A third method to deal with Pennsylvania's fracking wastewater came about when gas companies treated the water at the fracking site. The water was contained in pools known as impoundments, and over time the solids would settle and crystallize. One concern was that the ground surfaces of these impoundments were not inspected by the DEP before the linings were placed in. An inspection of the ground by the DEP would ensure that the surface is smooth, free of debris, and would safely support the liner without causing tears in it. The water in impoundments, less saline after being treated at the sites, was then sent through pipes to another fracking site. Some issues developed here when some of the PVC pipes, set over the ground, started leaking. With no regulations to oversee the gas companies' processes to treat their own water and send it to another site, the potential for unrecognized problems became a concern of citizens. Another method was created, called "invisible transportation systems," comprising metal pipes to transport water. They were called "invisible" because they were buried under the ground. This process also lacks regulations.
Finally, another option used by Pennsylvania was simply to transport the wastewater out of the state by truck - mostly to Ohio, and some to West Virginia, where it was handled by injecting it underground, where it would stay.
At present, there remains a dearth of options for wastewater storage and treatment for New York State.
While there are currently no set plans on how to treat wastewater in New York State, some possible options similar to those used in Pennsylvania have been discussed, and these are as follows:
1) Deep well injection. Wastewater is injected into a large well drilled specifically for that purpose, or into an old oil well. This was proposed by one gas company for a town near Keuka Lake. Though the well would be permitted and regulated by the Environmental Protection Agency (EPA), the plan was later abandoned because of citizen concerns related to whether the water had potential to seep into the nearby lake because of being situated in close proximity to it (http://www.fingerlakesmedia.com/news.php?viewStory=1127).
2) Shipping the water out of NYS. There are eleven plants in Pennsylvania and one in Ohio that are considered potential sites to which New York's wastewater could be shipped, but many of these sites are already processing waste water at near capacity levels.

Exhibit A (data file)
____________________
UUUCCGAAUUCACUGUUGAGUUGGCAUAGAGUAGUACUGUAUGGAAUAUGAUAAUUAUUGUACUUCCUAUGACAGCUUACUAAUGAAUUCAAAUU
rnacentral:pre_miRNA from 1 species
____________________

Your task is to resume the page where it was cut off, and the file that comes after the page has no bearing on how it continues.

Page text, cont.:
3) Building new treatment plants. Gas companies are investigating the construction of new wastewater treatment plants. This option might represent the best choice if all safety standards are met and seems to hold favor with both community members and industrial representatives.
4) Treatment at municipal plants. This option is not considered to be viable, as existing municipal plants are not able to handle the amount of water, nor are they equipped to deal with industrial wastewater, as was learned in Pennsylvania.
It has been suggested that if gas companies could pre-treat wastewater, removing chemicals most problematic to municipal plants, then wastewater could perhaps be ultimately sent to municipal plants. While this step could eliminate a few of the treatment issues, there would still be excessive overload on the municipal facilities.
6) Wastewater impoundments. Such impounds could potentially contain 16 million gallons and have been discussed as an option in for New York State. An analysis of the plan was performed by a panel of experts that included a petroleum engineer, a toxicologist, a hydrogeologist, and general environmental consulting firms. Collectively, they found the proposed wastewater impoundments to be inadequate in terms of safety.
Perhaps the only general consensus we can reach is that fracking wastewater should be managed in a responsible, tightly regulated way. But can new technologies to manage this particular wastewater be developed in time? As of this writing, the question remains unresolved.